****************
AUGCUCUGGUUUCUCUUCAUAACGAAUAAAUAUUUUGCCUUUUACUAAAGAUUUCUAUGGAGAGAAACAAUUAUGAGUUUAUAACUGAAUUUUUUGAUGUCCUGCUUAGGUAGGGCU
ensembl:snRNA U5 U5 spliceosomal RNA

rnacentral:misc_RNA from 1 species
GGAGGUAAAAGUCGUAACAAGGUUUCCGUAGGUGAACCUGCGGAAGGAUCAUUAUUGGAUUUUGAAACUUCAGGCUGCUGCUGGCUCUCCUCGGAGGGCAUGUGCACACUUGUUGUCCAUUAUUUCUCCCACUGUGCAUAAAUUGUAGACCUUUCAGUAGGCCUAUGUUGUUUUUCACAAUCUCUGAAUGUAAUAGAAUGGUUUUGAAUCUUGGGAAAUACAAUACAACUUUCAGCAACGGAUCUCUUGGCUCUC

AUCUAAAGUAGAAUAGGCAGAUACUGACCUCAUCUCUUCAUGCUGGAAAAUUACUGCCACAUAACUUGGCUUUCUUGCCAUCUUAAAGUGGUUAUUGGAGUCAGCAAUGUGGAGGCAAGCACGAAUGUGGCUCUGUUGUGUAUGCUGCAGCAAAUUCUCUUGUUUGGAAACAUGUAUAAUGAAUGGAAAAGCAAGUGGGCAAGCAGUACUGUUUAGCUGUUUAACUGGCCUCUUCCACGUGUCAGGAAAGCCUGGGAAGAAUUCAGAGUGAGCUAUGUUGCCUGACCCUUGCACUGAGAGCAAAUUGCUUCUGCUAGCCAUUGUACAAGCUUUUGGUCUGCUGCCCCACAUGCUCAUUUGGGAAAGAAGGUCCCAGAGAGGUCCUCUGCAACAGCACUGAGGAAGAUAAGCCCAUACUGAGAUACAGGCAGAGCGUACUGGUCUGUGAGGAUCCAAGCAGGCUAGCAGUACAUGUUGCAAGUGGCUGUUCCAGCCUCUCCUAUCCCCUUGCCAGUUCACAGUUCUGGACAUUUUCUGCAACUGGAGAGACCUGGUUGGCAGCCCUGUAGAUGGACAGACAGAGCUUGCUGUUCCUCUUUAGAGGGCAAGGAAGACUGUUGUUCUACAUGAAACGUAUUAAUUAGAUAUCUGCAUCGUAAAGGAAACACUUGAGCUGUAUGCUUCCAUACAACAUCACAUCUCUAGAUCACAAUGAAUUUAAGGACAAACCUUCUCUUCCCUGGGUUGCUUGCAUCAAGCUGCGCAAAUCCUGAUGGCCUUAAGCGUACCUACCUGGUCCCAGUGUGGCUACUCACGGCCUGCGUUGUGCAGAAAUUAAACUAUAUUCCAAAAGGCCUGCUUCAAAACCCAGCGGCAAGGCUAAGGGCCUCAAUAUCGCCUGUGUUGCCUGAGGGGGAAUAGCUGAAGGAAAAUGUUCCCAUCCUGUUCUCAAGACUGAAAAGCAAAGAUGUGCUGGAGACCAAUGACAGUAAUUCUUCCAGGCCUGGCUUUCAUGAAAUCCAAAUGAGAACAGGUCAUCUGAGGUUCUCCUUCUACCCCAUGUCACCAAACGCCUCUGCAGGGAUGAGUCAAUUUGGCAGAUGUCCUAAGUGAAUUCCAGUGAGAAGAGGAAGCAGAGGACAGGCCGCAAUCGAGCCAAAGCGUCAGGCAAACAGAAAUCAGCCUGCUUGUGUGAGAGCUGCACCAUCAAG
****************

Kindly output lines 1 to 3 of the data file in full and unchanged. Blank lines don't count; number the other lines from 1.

AUGCUCUGGUUUCUCUUCAUAACGAAUAAAUAUUUUGCCUUUUACUAAAGAUUUCUAUGGAGAGAAACAAUUAUGAGUUUAUAACUGAAUUUUUUGAUGUCCUGCUUAGGUAGGGCU
ensembl:snRNA U5 U5 spliceosomal RNA

rnacentral:misc_RNA from 1 species